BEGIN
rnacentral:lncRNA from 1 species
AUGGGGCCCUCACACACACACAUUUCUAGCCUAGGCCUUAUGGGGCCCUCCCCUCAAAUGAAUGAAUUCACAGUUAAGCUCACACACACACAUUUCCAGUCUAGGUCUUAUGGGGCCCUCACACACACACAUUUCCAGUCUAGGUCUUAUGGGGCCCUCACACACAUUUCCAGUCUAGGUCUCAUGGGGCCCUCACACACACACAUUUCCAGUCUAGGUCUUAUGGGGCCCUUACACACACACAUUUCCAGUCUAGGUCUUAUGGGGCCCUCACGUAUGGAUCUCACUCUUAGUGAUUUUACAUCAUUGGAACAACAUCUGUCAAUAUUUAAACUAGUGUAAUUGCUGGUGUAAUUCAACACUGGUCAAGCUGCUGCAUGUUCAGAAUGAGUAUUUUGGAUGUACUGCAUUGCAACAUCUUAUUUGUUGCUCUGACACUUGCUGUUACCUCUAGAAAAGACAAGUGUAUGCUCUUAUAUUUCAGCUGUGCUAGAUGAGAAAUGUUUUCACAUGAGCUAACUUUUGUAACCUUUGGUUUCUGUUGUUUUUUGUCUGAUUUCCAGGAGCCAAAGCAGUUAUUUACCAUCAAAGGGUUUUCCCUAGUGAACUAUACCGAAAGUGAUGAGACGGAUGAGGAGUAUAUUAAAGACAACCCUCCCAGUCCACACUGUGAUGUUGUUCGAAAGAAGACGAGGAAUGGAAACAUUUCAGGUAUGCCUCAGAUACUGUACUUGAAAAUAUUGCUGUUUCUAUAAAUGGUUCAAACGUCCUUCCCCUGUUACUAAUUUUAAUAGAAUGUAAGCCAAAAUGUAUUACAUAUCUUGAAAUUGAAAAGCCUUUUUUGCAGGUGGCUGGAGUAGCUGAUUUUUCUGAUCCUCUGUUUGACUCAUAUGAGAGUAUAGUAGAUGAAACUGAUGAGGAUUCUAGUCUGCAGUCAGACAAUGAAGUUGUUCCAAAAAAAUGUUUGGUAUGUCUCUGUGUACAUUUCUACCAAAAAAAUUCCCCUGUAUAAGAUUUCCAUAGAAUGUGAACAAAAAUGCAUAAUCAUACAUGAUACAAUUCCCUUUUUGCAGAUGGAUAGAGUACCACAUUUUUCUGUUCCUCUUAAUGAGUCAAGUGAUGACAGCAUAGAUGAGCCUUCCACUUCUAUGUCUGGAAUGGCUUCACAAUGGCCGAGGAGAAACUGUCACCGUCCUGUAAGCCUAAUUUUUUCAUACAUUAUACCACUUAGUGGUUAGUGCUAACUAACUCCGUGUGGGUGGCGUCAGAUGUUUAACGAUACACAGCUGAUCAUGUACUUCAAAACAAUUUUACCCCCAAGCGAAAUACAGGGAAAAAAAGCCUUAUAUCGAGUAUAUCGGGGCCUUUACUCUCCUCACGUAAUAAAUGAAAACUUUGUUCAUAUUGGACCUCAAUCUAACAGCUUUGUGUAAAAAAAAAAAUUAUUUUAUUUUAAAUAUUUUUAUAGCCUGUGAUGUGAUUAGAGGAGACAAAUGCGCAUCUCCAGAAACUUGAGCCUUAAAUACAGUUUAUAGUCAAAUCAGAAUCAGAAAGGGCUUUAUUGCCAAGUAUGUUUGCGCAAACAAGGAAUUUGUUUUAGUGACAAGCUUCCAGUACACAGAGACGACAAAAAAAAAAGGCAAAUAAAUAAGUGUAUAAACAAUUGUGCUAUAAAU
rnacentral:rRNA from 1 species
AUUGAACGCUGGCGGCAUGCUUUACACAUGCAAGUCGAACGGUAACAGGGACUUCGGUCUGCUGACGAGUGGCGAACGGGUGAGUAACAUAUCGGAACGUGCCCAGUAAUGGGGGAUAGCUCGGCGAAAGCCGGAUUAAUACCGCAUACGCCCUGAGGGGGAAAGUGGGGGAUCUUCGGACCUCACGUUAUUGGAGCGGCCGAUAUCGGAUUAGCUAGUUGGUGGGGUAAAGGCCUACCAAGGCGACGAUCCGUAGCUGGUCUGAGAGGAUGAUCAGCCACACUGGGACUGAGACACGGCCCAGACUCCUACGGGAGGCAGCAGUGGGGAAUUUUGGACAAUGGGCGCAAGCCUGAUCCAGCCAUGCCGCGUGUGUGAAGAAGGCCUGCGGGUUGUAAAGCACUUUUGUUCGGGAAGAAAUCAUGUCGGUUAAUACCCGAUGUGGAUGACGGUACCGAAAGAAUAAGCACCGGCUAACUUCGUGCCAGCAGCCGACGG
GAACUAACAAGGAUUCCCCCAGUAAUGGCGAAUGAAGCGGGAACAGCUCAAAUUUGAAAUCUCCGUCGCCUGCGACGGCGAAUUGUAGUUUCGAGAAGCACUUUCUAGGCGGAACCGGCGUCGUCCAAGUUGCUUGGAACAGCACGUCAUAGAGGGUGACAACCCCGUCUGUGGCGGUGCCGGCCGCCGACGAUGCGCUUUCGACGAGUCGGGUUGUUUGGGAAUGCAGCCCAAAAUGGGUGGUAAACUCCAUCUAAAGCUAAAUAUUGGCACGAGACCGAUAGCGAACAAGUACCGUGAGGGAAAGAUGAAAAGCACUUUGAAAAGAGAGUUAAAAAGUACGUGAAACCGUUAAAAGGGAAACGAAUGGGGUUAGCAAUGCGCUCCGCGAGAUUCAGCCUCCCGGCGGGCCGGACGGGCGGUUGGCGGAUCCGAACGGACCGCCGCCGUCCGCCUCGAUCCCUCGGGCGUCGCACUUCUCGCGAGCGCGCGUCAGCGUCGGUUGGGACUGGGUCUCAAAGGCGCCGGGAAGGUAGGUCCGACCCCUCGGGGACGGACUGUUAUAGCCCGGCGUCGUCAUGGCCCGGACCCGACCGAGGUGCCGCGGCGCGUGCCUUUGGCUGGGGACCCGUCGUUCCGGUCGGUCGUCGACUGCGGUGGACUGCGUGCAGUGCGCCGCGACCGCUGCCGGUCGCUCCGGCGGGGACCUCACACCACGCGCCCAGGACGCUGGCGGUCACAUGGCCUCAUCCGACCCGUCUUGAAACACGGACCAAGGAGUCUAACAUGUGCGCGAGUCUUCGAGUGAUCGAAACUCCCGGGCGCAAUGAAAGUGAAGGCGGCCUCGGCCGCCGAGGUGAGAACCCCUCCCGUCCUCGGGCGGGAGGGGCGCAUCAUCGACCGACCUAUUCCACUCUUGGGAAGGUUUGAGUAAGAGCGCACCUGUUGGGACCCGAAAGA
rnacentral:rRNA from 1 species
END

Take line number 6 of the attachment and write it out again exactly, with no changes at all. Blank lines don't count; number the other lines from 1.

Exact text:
rnacentral:rRNA from 1 species